Jack and Georgia Olsen, the directors of the American Legacy Gallery, opened up their showcase home to their friends in the Nelson Atkins Print Society Saturday.
Members enjoyed viewing paintings, prints, sculpture and pottery in the private collection, amassed over a thirty-five year period. Double click to see photos enlarged.
People milled around looking at exquisite block prints, etchings, lithographs, charcoals, drawings and delicious paintings on the upper and lower level of the Olsen Estate. I caught up with my friend Paula
Winchester, as she was eying prints by the staircase, and she offered some thoughts.
KM: So, are there anything in particular that you are really enjoying?
PW: Oh, just, I am enjoying looking, a little bit of everything..looking at the frames, how they have a sequence. So I was talking to Jack, that they will try to use the same frame with the same motif so that they can cluster them together. That's really neat.
PW: Just the bronze work and everything. All exciting!
KM: They have a really good space, it's not all cluttered, there is room to move around in.
PW: And still see so many things. My friend that I brought, we found a pot upstairs in one of her cases, and we got to find out about what she knows about the artist. 'Cause we found one at a flea market, and we kind of wanted to know..
KM: Wow. Sweet. Yeah, sure, sure.
PW: You know, I don't know, it looks so similiar. So, anyway, do you have a favorite yet?
KM: Really haven't focused so much.
PW: It is so nice how things go together.. It's not just a picture.
KM: Oh yeah. How they got a picture, but they have given attention to the pieces that are next to it as well.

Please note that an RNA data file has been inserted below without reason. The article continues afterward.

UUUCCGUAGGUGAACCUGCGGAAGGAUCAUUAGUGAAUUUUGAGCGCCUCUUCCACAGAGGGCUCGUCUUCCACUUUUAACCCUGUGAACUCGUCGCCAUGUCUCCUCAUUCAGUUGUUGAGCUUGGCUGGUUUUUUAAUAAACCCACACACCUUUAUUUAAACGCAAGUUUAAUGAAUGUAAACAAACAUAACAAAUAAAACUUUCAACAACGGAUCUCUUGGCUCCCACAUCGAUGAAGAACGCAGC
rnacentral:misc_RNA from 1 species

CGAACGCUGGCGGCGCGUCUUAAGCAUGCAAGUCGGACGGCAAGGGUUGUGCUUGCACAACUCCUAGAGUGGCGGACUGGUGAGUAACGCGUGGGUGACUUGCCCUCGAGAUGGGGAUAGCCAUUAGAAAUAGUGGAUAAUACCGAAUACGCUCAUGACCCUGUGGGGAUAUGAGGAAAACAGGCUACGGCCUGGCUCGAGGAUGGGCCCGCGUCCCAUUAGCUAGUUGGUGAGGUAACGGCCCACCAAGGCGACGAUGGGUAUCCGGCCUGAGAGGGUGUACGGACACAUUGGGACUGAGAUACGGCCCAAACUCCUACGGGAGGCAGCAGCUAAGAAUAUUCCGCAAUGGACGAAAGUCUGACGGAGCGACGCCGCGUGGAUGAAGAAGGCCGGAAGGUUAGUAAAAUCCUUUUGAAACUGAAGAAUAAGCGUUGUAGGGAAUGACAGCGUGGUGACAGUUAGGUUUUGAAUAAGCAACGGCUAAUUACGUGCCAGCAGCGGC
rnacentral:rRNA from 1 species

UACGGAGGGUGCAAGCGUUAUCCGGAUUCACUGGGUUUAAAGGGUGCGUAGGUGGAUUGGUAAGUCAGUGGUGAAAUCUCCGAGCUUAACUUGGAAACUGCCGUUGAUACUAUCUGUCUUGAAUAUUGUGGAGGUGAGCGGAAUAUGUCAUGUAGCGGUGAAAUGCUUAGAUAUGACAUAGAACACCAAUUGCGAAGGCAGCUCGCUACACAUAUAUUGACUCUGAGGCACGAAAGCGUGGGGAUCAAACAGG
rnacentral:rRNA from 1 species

CW: This one here? Robert Daughters.
CW: Robert Daughters. He's from the conservatory in St. Joseph. He passed away two years ago.
KM: So, that is done by somebody from here.
CW: He spent a lot of time down in Santa Fe, Taos, and Tuscon. Probably influenced by Impressionism. He used to work, he was an illustrator at Hallmark for a period of time.
KM: Actually the embellishments here (in the painting) go along nicely with (the swiggles in the gold-leaf frame) stuff that is going on here.
VH: These are by the same person.
CW: He did those as well. These are his silkscreens. Four churches in the Taos, Santa Fe area.
KM: Those are silkscreens? They almost look like pastel.
VH: Although they don't have the swirls, they do have the same textural feel as in the paintings.
CW: Good eye!
KM: I like his bright colors.
More about Robert Daughters http://www.artend.com/robertdaugthers.html
That was the first time I got to see a wood engraving by Ernest Hubert Deines (above) When I did research on Fred Geary, the wood engraver from Carrollton, MO, Deines was a friend and did Geary's biography after he died. The piece is called "Flowers of Westport." Deines came from Kansas. Karl Marxhausen
We like the kinds of art in the Olsen collection. The same is true for the paintings and prints at the American Legacy Gallery in Kansas City. It's our kind of art. Eric and Jane